Remember in the late '90s when PayPal (PYPL 1.43%) first launched, and its big feature was being able to pay for things on the internet with just an email address and password? In the nearly two decades since, PayPal has grown to become a massive player in online payments, processing over $86 billion in total payment volume last quarter alone. E-commerce and online payments are about to have another moment just like that, but this time around it's Apple (AAPL 1.41%) at the forefront.
With Touch ID and Apple Pay being separately launched in recent years, it became increasingly obvious that Apple should and would eventually implement the technology and service on the Mac. The upcoming MacBook Pros are rumored to finally add a Touch ID sensor, likely in the power button that's built into the OLED touch panel that serves as a dynamic function key row. In the meantime, Apple just launched Apple Pay on the Web with macOS Sierra, leveraging its Continuity technology to authenticate through an Apple Watch or iPhone.
Even now, before the Mac gets Touch ID, Apple Pay on the Web is a game changer. And it only gets better from here.
How it works
Apple has released frameworks for developers to implement Apple Pay in apps and on websites. Much like how PayPal just needs merchants to implement PayPal on their sites in order to accept PayPal payments, the same goes for Apple.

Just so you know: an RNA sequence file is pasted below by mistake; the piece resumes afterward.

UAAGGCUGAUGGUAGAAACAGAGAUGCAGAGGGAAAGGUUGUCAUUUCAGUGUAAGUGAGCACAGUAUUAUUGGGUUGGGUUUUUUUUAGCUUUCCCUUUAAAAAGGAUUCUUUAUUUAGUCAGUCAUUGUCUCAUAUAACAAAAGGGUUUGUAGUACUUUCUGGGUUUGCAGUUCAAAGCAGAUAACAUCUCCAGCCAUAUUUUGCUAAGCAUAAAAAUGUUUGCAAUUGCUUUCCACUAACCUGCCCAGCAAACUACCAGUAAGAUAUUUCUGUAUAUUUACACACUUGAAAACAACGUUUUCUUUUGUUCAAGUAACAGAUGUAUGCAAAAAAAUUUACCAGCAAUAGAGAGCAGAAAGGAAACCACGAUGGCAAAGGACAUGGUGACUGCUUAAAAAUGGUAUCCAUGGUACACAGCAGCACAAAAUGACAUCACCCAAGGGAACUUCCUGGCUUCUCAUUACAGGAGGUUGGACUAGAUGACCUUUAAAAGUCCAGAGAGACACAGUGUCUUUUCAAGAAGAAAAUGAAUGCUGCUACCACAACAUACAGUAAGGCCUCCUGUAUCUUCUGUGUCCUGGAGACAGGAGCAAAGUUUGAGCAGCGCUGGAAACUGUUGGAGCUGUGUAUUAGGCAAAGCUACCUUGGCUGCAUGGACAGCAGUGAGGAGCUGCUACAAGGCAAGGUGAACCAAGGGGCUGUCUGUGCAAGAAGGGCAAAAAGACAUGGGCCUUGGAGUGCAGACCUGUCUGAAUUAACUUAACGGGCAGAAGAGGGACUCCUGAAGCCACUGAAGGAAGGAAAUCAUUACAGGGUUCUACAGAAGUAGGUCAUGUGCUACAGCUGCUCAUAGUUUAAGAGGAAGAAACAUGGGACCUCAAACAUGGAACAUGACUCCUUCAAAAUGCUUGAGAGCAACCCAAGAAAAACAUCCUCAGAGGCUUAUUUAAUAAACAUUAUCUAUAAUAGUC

Once a site supports Apple Pay, customers will see the familiar Apple Pay button. Click that, and your Mac will automatically load up all of your payment and billing information. This information is still being stored in the mobile device, and you can authorize the payment by either double-tapping the side button on Apple Watch, or using Touch ID on iPhone. That's it.
This has a lot more potential than at retail stores, since the added convenience is more meaningful. Swiping a credit card has always been a tough hurdle to beat in terms of convenience, since it's already fast and easy enough as it is. But everyone hates inputting payment info on the Web constantly. This is especially true on mobile devices, but also true on the desktop.
As Touch ID slowly makes its way through the Mac lineup while an increasing number of merchants adopt the service, it's going to be almost too easy to pay for the things on the internet.
PayPal doesn't really have a way to offer a competitive alternative here. While its standard email and password authentication is still easy, the company can't adopt biometric authentication as easily since it doesn't control the hardware. PayPal is popular internationally, and should still enjoy a strong position in geographical markets where Apple has a weak presence.
A greater threat will be Alphabet's (GOOG 0.87%) (GOOGL 0.92%) Android Pay on the Web. Google is starting by bringing Android Pay to mobile websites, releasing APIs earlier this year for developers to implement. Android Pay uses various authentication methods, since not all Android devices have fingerprint sensors. But Android can't really make the leap from mobile to desktop, which is where the real opportunity lies.